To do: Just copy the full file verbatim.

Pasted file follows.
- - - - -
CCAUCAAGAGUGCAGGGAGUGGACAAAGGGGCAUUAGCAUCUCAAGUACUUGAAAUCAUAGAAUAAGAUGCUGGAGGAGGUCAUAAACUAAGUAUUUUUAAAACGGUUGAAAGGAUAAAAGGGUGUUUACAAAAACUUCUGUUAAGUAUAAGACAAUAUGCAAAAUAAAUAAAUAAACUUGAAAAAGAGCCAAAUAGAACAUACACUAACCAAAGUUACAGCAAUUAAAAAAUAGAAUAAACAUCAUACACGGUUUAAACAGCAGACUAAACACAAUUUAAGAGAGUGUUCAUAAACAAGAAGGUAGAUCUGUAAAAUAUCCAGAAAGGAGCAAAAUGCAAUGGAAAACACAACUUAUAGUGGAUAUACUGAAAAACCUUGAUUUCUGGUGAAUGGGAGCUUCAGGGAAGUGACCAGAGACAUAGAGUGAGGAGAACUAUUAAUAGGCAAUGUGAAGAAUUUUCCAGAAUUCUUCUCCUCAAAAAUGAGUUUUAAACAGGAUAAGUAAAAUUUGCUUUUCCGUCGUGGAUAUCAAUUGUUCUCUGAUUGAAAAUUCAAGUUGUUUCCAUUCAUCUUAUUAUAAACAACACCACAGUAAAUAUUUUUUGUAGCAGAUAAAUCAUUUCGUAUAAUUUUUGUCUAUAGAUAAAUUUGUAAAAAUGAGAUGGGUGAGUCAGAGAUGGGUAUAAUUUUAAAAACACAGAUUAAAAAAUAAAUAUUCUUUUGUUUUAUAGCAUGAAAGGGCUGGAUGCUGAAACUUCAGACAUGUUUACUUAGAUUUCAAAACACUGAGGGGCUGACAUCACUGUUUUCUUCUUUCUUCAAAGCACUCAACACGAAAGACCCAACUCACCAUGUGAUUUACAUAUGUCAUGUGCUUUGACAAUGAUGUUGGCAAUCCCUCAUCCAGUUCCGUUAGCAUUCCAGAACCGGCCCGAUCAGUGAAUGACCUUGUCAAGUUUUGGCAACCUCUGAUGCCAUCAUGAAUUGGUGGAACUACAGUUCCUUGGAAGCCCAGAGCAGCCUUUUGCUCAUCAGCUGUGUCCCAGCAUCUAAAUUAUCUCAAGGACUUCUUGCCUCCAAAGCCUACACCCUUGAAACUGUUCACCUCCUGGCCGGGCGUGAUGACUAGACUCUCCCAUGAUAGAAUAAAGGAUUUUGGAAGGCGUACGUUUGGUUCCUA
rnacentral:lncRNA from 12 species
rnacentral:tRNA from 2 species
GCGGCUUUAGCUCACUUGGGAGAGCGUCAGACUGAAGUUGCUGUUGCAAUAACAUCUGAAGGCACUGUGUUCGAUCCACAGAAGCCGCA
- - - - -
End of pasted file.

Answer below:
CCAUCAAGAGUGCAGGGAGUGGACAAAGGGGCAUUAGCAUCUCAAGUACUUGAAAUCAUAGAAUAAGAUGCUGGAGGAGGUCAUAAACUAAGUAUUUUUAAAACGGUUGAAAGGAUAAAAGGGUGUUUACAAAAACUUCUGUUAAGUAUAAGACAAUAUGCAAAAUAAAUAAAUAAACUUGAAAAAGAGCCAAAUAGAACAUACACUAACCAAAGUUACAGCAAUUAAAAAAUAGAAUAAACAUCAUACACGGUUUAAACAGCAGACUAAACACAAUUUAAGAGAGUGUUCAUAAACAAGAAGGUAGAUCUGUAAAAUAUCCAGAAAGGAGCAAAAUGCAAUGGAAAACACAACUUAUAGUGGAUAUACUGAAAAACCUUGAUUUCUGGUGAAUGGGAGCUUCAGGGAAGUGACCAGAGACAUAGAGUGAGGAGAACUAUUAAUAGGCAAUGUGAAGAAUUUUCCAGAAUUCUUCUCCUCAAAAAUGAGUUUUAAACAGGAUAAGUAAAAUUUGCUUUUCCGUCGUGGAUAUCAAUUGUUCUCUGAUUGAAAAUUCAAGUUGUUUCCAUUCAUCUUAUUAUAAACAACACCACAGUAAAUAUUUUUUGUAGCAGAUAAAUCAUUUCGUAUAAUUUUUGUCUAUAGAUAAAUUUGUAAAAAUGAGAUGGGUGAGUCAGAGAUGGGUAUAAUUUUAAAAACACAGAUUAAAAAAUAAAUAUUCUUUUGUUUUAUAGCAUGAAAGGGCUGGAUGCUGAAACUUCAGACAUGUUUACUUAGAUUUCAAAACACUGAGGGGCUGACAUCACUGUUUUCUUCUUUCUUCAAAGCACUCAACACGAAAGACCCAACUCACCAUGUGAUUUACAUAUGUCAUGUGCUUUGACAAUGAUGUUGGCAAUCCCUCAUCCAGUUCCGUUAGCAUUCCAGAACCGGCCCGAUCAGUGAAUGACCUUGUCAAGUUUUGGCAACCUCUGAUGCCAUCAUGAAUUGGUGGAACUACAGUUCCUUGGAAGCCCAGAGCAGCCUUUUGCUCAUCAGCUGUGUCCCAGCAUCUAAAUUAUCUCAAGGACUUCUUGCCUCCAAAGCCUACACCCUUGAAACUGUUCACCUCCUGGCCGGGCGUGAUGACUAGACUCUCCCAUGAUAGAAUAAAGGAUUUUGGAAGGCGUACGUUUGGUUCCUA
rnacentral:lncRNA from 12 species
rnacentral:tRNA from 2 species
GCGGCUUUAGCUCACUUGGGAGAGCGUCAGACUGAAGUUGCUGUUGCAAUAACAUCUGAAGGCACUGUGUUCGAUCCACAGAAGCCGCA